• People who want faster results
  • Those who can deal with small amounts of hunger

The Good:

Good rate of fat loss

Manageable hunger

Sustainable workout performance

Maintain lean muscle mass

The Bad:

Risk of muscle loss for lean individuals

Decrease in performance for athletes

Slower progress than large deficits

Large Deficits (>25% below maintenance)

Who is it for:

  • People looking for fast results
  • Severely overweight or obese individuals with large amounts of body fat to lose

The Good:

Faster progress

Large deficit provides greater margin for error when counting

The Bad:

Poor training performance

Can cause loss of lean muscle mass as well as fat

Risk of nutrient deficiencies

Increases risk of metabolic damage and slowdown

Not sustainable long-term

Setting the Right Deficit

yoga and berries

Unless you have a lot of body fat to lose, for a majority of the population a small or moderate deficit will probably work best. These will allow a decent rate of fat loss while still maintaining lean muscle mass and workout performance.

More important than that however, is that small/moderate deficits are more sustainable in the long run and provide many more benefits than a large deficit. Large deficits, while great for instant weight loss gratification, are more likely to hurt you in the long run if you try to maintain them.

Like with anything, it’s all about finding a balance. Large deficits can be used effectively for short periods of time, but are ultimately more successful when mixed with small and moderate ones. 

In general, you want to aim for a 1-2 pound loss per week. For a majority of people, this is the rate at which you can expect to lose fat without sacrificing muscle. Unless you are obese, any more than this will put you at risk for lean tissue loss as well.

Setting a Caloric Surplus for Muscle Gain

muscle gains

Like setting a deficit, setting a caloric surplus is going to be dependent on a number of factors. You generally do not want to be as aggressive when setting a surplus because you want to minimize fat gain as much as possible while trying to build muscle. The general recommendation is to set your calories somewhere between 10-20% above your maintenance level.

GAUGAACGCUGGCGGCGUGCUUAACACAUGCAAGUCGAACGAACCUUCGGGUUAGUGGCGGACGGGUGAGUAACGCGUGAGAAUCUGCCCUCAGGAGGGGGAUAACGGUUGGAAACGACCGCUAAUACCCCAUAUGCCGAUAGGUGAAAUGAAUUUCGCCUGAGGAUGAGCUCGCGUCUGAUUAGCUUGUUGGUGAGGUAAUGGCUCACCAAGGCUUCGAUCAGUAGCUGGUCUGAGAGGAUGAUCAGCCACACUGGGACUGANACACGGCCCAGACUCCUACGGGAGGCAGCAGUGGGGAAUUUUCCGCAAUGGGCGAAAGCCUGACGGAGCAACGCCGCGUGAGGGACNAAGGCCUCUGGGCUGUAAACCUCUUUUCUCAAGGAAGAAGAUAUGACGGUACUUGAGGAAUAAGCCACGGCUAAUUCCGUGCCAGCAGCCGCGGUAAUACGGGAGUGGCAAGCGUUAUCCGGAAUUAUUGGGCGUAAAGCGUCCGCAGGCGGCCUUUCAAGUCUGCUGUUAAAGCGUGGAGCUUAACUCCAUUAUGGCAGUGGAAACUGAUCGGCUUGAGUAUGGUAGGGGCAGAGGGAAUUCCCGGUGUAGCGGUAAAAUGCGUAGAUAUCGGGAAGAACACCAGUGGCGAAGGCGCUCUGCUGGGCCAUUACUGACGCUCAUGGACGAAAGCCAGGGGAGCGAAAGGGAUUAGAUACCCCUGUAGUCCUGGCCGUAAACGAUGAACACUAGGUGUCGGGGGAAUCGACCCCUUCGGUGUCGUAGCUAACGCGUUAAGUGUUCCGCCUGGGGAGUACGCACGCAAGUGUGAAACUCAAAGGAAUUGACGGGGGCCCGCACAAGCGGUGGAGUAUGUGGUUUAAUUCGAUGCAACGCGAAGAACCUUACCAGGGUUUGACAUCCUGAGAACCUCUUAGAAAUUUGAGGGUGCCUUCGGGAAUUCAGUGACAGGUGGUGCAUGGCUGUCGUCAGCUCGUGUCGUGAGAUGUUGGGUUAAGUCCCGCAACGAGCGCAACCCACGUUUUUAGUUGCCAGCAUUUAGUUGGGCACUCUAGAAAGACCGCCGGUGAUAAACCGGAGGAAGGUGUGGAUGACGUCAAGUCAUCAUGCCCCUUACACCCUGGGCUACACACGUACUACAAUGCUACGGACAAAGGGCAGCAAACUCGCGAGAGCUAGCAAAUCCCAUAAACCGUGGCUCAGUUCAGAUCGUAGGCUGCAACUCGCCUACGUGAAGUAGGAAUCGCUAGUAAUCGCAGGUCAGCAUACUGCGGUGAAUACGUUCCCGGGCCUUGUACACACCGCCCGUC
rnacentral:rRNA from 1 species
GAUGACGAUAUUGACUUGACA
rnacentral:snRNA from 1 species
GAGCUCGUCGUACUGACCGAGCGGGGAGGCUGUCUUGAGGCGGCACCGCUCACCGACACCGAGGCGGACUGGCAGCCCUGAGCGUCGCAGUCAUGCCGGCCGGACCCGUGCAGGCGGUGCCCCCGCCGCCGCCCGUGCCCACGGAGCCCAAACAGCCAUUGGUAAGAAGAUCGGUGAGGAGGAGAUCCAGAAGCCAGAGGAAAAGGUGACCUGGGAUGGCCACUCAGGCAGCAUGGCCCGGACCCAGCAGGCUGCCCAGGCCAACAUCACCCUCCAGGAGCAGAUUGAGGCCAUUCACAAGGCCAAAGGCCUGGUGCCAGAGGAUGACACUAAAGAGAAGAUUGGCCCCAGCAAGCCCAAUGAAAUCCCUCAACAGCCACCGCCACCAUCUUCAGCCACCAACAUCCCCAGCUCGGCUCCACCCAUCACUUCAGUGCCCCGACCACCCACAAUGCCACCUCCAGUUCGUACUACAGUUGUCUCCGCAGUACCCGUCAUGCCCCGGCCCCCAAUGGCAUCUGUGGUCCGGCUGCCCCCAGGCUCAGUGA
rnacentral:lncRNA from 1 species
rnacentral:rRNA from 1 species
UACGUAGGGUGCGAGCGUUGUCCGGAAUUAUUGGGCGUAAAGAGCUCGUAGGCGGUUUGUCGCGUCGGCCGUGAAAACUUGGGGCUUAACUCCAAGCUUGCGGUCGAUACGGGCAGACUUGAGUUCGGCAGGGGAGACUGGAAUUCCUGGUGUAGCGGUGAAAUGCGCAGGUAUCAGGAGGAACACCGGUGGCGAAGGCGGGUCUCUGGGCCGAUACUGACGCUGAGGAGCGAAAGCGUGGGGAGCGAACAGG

If you are someone who gains muscle or fat easily, you probably want to start with a surplus closer to 10%. If you are someone who has a hard time gaining weight, it may make more sense to start with a more aggressive surplus closer to 20%.

Detailed tracking is important whether you are trying lose fat or gain muscle, but is especially important when gaining muscle. You need to track your progress and adjust accordingly.

When eating in a surplus, your weight and strength should be going up every few weeks. You should be adding weight to your lifts each workout and gaining approximately 1-2 pounds every two weeks. If you’re not seeing either of those things, bump your calories up by another 10%. If you’re gaining strength, but also gaining weight faster than a pound a week, cut back on your calories by 5%.

Some fat gain is inevitable when gaining muscle, but the goal is to find that caloric sweet spot where you maximize your muscle gains while also minimizing fat gains. That is why keeping track of your progress is so important.

What Should You Do?

Whether you want to lose fat or gain muscle, it is important to take into account your own situation when setting your caloric intake. Be honest with yourself about what is acceptable progress. Set a calorie goal for yourself, hit it every day, see where it takes you, and adjust accordingly.

Now that we know how to set our calories appropriate to our goals, it’s time to talk about macronutrients and how counting macros can help you reach your physique goals a lot more effectively than simply counting calories alone. That’s coming up in Part 2.